Synergistic interactions between a variety of insecticides and an ergosterol biosynthesis inhibitor fungicide in dietary exposures of bumble bees (Bombus terrestris L.)
Raimets, R; Karise, R; Mänd, M; et al.Kaart, T; Ponting, S; Song, J; Cresswell, JE
Date: 9 October 2017
Pest Management Science
Wiley for Society of Chemical Industry
BACKGROUND: In recent years, concern has been raised over honey bee colony losses, and also among wild bees there is evidence for extinctions and range contractions in Europe and North America. Pesticides have been proposed as a potential cause of this decline. Bees are exposed simultaneously to a variety of agrochemicals, which may ...
BACKGROUND: In recent years, concern has been raised over honey bee colony losses, and also among wild bees there is evidence for extinctions and range contractions in Europe and North America. Pesticides have been proposed as a potential cause of this decline. Bees are exposed simultaneously to a variety of agrochemicals, which may cause synergistically detrimental impacts, which are incompletely understood. We investigated the toxicity of the fungicide imazalil in mixture with four common insecticides: fipronil (phenylpyrazoid), cypermethrin (pyrethroid), thiamethoxam, and imidacloprid (neonicotinoids). Ergosterol biosynthesis inhibitor (EBI) fungicides like imazalil can inhibit P450 detoxification systems in insects and therefore fungicide - insecticide co-occurrence might produce synergistic toxicity in bees. We assessed the impact of dietary fungicide - insecticide mixtures on the mortality and feeding rates of laboratory bumble bees (Bombus terrestris L.). RESULTS: Regarding mortality, imazalil synergised the toxicity of fipronil, cypermethrin and thiamethoxam, but not imidacloprid. We found no synergistic effects on feeding rates. CONCLUSION: Our findings suggest that P450-based detoxification processes are differentially important in mitigating the toxicity of certain insecticides, even those of the same chemical class. Our evidence that cocktail effects can arise in bumble bees should extend concern about the potential impacts of agrochemical mixtures to include wild bee species in farmland. © 2017 Society of Chemical Industry.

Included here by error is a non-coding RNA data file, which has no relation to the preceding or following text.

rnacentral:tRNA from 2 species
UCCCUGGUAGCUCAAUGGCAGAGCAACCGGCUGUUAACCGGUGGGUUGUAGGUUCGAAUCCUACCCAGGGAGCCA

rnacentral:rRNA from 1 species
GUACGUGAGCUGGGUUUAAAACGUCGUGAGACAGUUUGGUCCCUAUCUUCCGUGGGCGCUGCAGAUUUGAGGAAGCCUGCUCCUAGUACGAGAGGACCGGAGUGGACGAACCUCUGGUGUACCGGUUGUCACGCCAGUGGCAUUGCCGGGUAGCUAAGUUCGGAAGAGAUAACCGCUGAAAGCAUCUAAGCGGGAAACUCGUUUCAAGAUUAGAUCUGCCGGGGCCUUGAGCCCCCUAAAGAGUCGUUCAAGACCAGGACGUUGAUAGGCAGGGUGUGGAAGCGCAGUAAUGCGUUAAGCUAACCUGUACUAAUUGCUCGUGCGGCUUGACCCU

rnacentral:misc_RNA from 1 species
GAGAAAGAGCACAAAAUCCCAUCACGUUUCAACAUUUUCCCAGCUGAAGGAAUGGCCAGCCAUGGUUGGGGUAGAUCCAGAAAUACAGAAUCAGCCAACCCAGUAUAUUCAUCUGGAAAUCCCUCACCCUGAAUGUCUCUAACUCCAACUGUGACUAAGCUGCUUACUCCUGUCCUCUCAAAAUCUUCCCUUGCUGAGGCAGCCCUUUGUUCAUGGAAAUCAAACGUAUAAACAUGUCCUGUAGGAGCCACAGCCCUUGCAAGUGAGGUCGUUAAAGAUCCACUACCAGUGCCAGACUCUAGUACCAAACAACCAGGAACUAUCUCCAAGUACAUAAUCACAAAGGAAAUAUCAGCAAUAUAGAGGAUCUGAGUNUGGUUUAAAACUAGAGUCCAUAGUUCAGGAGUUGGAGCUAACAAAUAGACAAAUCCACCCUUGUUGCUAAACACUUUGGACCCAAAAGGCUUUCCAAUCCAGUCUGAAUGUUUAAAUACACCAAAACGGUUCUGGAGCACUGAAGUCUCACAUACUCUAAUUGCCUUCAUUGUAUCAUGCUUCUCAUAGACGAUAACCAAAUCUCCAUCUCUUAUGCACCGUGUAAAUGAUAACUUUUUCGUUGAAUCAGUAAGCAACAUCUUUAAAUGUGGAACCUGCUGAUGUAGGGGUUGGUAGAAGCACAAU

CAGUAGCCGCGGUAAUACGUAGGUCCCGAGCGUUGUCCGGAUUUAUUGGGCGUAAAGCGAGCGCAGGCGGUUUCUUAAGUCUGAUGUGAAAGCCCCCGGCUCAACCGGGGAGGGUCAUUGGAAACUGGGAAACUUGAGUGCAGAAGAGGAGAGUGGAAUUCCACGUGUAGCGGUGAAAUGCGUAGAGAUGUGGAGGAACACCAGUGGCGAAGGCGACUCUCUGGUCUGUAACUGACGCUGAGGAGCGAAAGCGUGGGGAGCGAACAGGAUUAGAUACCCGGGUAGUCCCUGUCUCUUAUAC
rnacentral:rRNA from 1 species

College of Life and Environmental Sciences
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